CBN’s forex regime creating more crisis for Buhari

The current Foreign Exchange (FOREX) regime adopted by the Central Bank of Nigeria (CBN) is beginning to generate concerns about the long term effects on Nigeria’s economy.
National Daily reports. Some stakeholders in the polity are beginning to express pessimism that the FOREX regime could only serve short term purpose, arguing that it is not sustainable and may be counter-productive in the long term.
They maintained that the CBN FOREX policy may, in the long run, be creating more crisis for President Muhammadu Buhari and the All Progressives Congress (APC)-Government in managing the economy, essentially, the challenge to end the recession in the country. Their arguments emerged as President Buhari presents the blueprint of his administration for economic recovery and growth this Wednesday.
The stakeholders contend that the rate the CBN is injecting dollars into the foreign exchange market to improve the exchange rate of Naira to the Dollar merely boosts commerce and importation and does not transform the Nigerian economy to promote production.  The FOREX regime, they stated, does not promote export, thus, increasing expenditure on consumption of imported goods.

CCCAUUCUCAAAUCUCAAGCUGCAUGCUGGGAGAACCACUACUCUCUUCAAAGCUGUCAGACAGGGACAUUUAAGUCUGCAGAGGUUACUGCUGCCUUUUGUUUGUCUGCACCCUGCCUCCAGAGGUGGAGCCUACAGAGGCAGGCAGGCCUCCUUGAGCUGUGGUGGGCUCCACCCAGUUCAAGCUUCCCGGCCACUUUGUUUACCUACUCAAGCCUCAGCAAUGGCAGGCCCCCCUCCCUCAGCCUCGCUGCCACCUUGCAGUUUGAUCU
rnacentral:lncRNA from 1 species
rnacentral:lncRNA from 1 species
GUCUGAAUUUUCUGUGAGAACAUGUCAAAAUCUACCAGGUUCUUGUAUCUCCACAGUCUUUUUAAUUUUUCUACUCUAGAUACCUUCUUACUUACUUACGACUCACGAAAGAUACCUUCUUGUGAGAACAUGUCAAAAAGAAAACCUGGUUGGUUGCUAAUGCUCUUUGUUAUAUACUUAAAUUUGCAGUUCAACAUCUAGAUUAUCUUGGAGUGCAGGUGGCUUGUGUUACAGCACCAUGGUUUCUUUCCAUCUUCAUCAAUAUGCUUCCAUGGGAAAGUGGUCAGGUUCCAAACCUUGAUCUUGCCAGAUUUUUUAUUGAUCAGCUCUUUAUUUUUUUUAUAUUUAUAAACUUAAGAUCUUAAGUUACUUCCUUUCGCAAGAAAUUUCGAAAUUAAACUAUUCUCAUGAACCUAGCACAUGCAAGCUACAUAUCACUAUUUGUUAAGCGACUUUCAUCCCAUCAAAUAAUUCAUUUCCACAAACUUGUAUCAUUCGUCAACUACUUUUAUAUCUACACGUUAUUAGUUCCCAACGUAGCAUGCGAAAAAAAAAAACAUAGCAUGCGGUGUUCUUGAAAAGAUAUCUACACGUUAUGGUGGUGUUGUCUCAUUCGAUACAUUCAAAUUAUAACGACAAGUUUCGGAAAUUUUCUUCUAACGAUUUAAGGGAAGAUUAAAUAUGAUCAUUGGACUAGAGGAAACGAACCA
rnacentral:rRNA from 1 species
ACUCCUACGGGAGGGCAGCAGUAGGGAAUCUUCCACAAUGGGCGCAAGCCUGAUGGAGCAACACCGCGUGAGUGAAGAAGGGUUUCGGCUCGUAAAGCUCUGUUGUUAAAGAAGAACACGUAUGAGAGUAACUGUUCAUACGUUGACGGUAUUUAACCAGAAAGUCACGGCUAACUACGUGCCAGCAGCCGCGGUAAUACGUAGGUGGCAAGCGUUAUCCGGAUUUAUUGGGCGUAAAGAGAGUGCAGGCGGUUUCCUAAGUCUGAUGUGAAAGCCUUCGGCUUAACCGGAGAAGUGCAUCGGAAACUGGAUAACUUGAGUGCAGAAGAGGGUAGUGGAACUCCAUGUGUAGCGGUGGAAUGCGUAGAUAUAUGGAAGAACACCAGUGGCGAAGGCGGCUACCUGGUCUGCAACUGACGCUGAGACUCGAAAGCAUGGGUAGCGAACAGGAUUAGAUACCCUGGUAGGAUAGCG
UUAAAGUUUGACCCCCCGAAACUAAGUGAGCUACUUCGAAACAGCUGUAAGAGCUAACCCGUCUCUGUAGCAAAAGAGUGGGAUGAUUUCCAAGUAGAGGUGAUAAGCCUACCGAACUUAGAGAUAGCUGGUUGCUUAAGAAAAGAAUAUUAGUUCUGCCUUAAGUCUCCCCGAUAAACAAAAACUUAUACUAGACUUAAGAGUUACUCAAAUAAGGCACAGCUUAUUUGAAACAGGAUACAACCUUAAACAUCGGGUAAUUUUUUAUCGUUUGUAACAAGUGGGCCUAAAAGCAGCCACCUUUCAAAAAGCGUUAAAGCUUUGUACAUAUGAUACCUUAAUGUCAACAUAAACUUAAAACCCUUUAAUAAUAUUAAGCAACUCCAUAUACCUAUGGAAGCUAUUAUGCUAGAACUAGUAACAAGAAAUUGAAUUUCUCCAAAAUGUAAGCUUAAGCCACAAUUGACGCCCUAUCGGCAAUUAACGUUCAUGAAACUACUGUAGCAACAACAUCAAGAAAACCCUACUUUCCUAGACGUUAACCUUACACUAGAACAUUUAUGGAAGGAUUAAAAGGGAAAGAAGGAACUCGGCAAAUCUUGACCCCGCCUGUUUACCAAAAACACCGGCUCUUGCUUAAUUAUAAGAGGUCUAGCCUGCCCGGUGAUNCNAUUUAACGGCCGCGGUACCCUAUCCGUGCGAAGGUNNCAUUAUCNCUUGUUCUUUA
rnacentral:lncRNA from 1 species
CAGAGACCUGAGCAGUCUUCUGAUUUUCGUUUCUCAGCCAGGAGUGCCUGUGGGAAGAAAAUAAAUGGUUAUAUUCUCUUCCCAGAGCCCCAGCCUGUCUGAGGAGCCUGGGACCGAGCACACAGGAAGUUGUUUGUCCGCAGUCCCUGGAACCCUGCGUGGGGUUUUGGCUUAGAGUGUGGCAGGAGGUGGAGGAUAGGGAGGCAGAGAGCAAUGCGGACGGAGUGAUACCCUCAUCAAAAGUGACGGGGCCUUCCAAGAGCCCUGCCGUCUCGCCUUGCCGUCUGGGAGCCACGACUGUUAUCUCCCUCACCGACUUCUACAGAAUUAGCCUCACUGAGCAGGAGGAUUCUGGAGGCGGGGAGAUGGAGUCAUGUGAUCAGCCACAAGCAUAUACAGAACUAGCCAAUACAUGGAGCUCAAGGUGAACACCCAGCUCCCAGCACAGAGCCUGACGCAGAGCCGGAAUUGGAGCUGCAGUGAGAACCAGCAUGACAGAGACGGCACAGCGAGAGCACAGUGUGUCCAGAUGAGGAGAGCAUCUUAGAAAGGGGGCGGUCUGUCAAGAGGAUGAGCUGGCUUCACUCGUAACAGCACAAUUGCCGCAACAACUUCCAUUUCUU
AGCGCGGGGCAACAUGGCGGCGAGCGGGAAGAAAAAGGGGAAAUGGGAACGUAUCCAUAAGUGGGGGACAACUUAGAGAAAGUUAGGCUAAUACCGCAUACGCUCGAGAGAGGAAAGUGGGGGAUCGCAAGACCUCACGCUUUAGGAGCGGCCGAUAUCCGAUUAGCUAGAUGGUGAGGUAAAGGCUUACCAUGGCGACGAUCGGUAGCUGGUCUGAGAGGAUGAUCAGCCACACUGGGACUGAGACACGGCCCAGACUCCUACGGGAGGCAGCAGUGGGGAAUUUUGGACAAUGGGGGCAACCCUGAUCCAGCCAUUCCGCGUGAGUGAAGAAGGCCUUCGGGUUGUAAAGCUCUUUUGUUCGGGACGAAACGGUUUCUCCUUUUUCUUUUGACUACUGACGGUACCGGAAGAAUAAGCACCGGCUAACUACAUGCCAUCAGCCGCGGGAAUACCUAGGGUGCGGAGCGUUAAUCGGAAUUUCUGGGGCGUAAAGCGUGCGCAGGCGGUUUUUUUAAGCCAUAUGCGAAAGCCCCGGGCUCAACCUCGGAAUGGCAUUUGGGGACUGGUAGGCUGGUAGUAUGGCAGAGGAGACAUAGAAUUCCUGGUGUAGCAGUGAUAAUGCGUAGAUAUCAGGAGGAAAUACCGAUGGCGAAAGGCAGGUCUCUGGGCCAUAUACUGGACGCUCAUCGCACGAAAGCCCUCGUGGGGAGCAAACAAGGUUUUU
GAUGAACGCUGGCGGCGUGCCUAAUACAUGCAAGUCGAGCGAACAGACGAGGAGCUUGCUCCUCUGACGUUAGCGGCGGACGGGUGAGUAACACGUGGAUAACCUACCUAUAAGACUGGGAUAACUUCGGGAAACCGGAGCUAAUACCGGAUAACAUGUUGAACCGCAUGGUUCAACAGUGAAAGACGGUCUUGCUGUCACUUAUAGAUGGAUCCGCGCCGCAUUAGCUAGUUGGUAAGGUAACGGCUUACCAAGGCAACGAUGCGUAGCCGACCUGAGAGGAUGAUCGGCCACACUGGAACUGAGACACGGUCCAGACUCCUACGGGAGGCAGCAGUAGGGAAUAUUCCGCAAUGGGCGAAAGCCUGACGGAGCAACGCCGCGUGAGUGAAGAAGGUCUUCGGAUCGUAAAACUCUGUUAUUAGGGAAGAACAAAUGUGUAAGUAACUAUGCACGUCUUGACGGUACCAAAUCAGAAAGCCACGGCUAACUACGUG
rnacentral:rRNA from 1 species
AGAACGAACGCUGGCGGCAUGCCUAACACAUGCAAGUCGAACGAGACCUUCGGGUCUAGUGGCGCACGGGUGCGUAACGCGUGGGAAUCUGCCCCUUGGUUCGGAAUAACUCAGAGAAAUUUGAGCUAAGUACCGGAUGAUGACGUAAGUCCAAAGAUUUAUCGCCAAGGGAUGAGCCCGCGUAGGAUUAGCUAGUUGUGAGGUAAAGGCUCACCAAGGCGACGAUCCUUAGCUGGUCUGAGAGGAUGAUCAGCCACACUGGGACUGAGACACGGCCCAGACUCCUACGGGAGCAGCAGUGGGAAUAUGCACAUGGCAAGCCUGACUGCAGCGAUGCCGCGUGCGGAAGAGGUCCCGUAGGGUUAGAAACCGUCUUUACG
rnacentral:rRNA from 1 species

National Daily gathered that the concerns of these stakeholders became germane in the face of the recent global rating that lists Nigeria among the most unfriendly countries in the world to do business. However, the federal government, in response, promised that policies are under the way to make Nigeria a friendly country to do business. This assurance was coming after the federal government had earlier in the year announced processes that will facilitate access to basic documents required by investors to set up businesses in the country.
National Daily market survey indicates that while several people are celebrating that the exchange rate of the naira has appreciated in recent times to N350 per Dollar, this has not reflected on the prices of commodities in the market. Prices of goods are still high as they have been from the beginning of the year, an indication that the assumed appreciation of the Naira is yet to make any impact in the economy.
This is more so, when other economic indices which include the rising unemployment rate, the weakening production capacity of the economy or the dwindling capacity utilization, are yet to make positive changes.
A Major concern expressed by most stakeholders is that should the CBN continue to roll out dollars into the economy without control or corresponding policies to reactivate the production capacity of the economy, the foreign reserves may deplete tremendously thereafter.

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